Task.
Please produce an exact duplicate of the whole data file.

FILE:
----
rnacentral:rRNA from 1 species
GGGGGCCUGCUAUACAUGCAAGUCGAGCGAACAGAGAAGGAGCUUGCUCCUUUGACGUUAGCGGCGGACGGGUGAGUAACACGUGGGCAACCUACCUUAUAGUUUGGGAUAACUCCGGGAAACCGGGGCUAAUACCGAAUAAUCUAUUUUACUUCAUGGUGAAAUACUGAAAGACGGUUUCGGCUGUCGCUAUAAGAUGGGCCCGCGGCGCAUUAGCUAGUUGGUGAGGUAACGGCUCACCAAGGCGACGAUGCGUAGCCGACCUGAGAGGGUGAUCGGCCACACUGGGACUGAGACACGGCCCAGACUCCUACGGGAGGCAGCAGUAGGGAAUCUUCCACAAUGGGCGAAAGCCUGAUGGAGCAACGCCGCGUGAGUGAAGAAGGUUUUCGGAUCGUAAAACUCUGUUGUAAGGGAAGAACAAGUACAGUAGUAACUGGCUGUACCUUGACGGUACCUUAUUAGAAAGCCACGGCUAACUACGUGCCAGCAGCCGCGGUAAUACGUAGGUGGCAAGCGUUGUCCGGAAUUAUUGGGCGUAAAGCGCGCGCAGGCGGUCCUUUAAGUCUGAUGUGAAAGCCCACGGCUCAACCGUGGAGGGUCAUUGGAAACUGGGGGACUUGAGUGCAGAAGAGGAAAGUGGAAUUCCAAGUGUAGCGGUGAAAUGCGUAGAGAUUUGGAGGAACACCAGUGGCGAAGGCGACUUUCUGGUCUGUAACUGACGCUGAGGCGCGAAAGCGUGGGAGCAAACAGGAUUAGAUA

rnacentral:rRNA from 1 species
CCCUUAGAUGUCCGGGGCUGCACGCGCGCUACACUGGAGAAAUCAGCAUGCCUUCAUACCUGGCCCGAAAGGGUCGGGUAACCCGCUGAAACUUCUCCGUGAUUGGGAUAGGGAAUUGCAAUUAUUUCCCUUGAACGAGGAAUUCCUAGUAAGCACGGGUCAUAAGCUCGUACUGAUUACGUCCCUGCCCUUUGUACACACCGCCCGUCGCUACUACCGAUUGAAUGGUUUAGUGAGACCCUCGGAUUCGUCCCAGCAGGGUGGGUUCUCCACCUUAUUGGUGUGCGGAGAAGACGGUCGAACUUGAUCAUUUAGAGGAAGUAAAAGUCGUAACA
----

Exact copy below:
rnacentral:rRNA from 1 species
GGGGGCCUGCUAUACAUGCAAGUCGAGCGAACAGAGAAGGAGCUUGCUCCUUUGACGUUAGCGGCGGACGGGUGAGUAACACGUGGGCAACCUACCUUAUAGUUUGGGAUAACUCCGGGAAACCGGGGCUAAUACCGAAUAAUCUAUUUUACUUCAUGGUGAAAUACUGAAAGACGGUUUCGGCUGUCGCUAUAAGAUGGGCCCGCGGCGCAUUAGCUAGUUGGUGAGGUAACGGCUCACCAAGGCGACGAUGCGUAGCCGACCUGAGAGGGUGAUCGGCCACACUGGGACUGAGACACGGCCCAGACUCCUACGGGAGGCAGCAGUAGGGAAUCUUCCACAAUGGGCGAAAGCCUGAUGGAGCAACGCCGCGUGAGUGAAGAAGGUUUUCGGAUCGUAAAACUCUGUUGUAAGGGAAGAACAAGUACAGUAGUAACUGGCUGUACCUUGACGGUACCUUAUUAGAAAGCCACGGCUAACUACGUGCCAGCAGCCGCGGUAAUACGUAGGUGGCAAGCGUUGUCCGGAAUUAUUGGGCGUAAAGCGCGCGCAGGCGGUCCUUUAAGUCUGAUGUGAAAGCCCACGGCUCAACCGUGGAGGGUCAUUGGAAACUGGGGGACUUGAGUGCAGAAGAGGAAAGUGGAAUUCCAAGUGUAGCGGUGAAAUGCGUAGAGAUUUGGAGGAACACCAGUGGCGAAGGCGACUUUCUGGUCUGUAACUGACGCUGAGGCGCGAAAGCGUGGGAGCAAACAGGAUUAGAUA

rnacentral:rRNA from 1 species
CCCUUAGAUGUCCGGGGCUGCACGCGCGCUACACUGGAGAAAUCAGCAUGCCUUCAUACCUGGCCCGAAAGGGUCGGGUAACCCGCUGAAACUUCUCCGUGAUUGGGAUAGGGAAUUGCAAUUAUUUCCCUUGAACGAGGAAUUCCUAGUAAGCACGGGUCAUAAGCUCGUACUGAUUACGUCCCUGCCCUUUGUACACACCGCCCGUCGCUACUACCGAUUGAAUGGUUUAGUGAGACCCUCGGAUUCGUCCCAGCAGGGUGGGUUCUCCACCUUAUUGGUGUGCGGAGAAGACGGUCGAACUUGAUCAUUUAGAGGAAGUAAAAGUCGUAACA